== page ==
This is kind of neato—The Star Tribune has a blog called “Yesterday’s News” where it digs up old-timey newspaper articles, photos and ads. This week’s feature made the front page of the Minneapolis Tribune on May 9, 1953: Darlene LaBette Varallo, an “esoteric dancer”, was jailed for disorderly conduct. Two follow-up articles detail the handling of the evidence (“two little rhinestone-studded cones, a few lengths of gauze, a fringe and a pair of black net tights”) and the trial, which was complete with a lie detector test and testimony where the defendant explains that she was only guilty of a wardrobe malfunction:
SHE DESCRIBED her dance as a “can-can” plus a mixture of “a shuffle, ball hop, kick, twirls.” She denied Sullivan’s charge that she had bent over and shaken parts of her anatomy at the audience.
“You can’t bend over when you dance or you lose your equilibrium,” said Darlene, who testified she has danced since the age of 3 and was an Arthur Murray instructor for two years.
She said she certainly was wearing state’s exhibit F (the brassiere) when she began to dance but had to discard it because a strap broke. She also denied removing the state’s exhibit E (a tasseled fringe) from its original position around her – ah – middle.
In this video game brothel, clients and workers become disembodied parts before they fuse together in a scene that manages to be amusing and nightmarish at the same time.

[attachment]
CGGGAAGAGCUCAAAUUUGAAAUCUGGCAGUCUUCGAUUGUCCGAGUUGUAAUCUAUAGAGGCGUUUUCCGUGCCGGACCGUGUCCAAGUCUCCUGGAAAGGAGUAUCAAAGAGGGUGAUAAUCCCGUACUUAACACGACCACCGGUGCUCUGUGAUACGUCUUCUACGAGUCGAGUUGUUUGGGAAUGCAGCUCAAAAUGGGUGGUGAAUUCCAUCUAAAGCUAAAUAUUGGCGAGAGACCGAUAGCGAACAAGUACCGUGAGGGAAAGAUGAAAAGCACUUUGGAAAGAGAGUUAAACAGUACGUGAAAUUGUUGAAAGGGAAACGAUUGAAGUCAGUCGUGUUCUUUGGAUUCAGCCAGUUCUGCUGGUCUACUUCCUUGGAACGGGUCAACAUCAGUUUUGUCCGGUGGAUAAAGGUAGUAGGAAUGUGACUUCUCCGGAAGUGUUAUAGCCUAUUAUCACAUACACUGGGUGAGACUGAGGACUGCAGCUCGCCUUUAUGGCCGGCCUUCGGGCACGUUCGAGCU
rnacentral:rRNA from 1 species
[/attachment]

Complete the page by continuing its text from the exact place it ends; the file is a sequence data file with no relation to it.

The top Honolulu prosecutor had to drop charges against the massage parlor workers who were arrested in a raid and then charged with sexual assault after the police couldn’t find enough evidence to charge them with prostitution. Elizabeth Nolan Brown shreds the whole incident and points out that, while charges are dropped, some of the women are still vulnerable to deportation.
Katie Hail-Jares calls out the Honolulu Police Department’s use of coercive tactics to “rescue” sex workers and discusses the multiple ways this policy is not only ineffective, but outright damaging.
A South African ex-sex worker and Sisonke activist discusses the economic circumstances that led to him going into sex work and the social stigma and violence South African male sex workers face.
Despite all the big talk about rescuing sex workers and helping people who want out of the industry, the Canadian sex work exit fund is too small to be of much use to anyone. More on that.
The Terrence Higgins Trust in the UK seems to be actually invested in helping HIV positive sex workers leave the industry! Unsurprisingly, THT actually works with sex worker support group SWISH.
“It is unacceptable to find people engaged in commercial sex and then educating them on how to avoid contracting HIV. The only solution to addressing HIV prevalence is to prohibit prostitution,” Ms Ali said.
And on that note: two new studies are out examining why the attempts of other Indian states to replicate the success of Kolkata’s Sonagachi project—a “programme of HIV prevention through community mobilisation…intended to empower sex workers to tackle the social conditions which made them more vulnerable to HIV”—met with different results.
Canberra sex workers want changes to the law that will support their safety and privacy. Naturally, anti sex work folks (masquerading as anti sex-trafficking, and putting quotes around “safety for sex workers”) are not okay with that.
Performing artist and sex worker Annie Sprinkle is getting married for the tenth time this Saturday, and you can buy a ticket!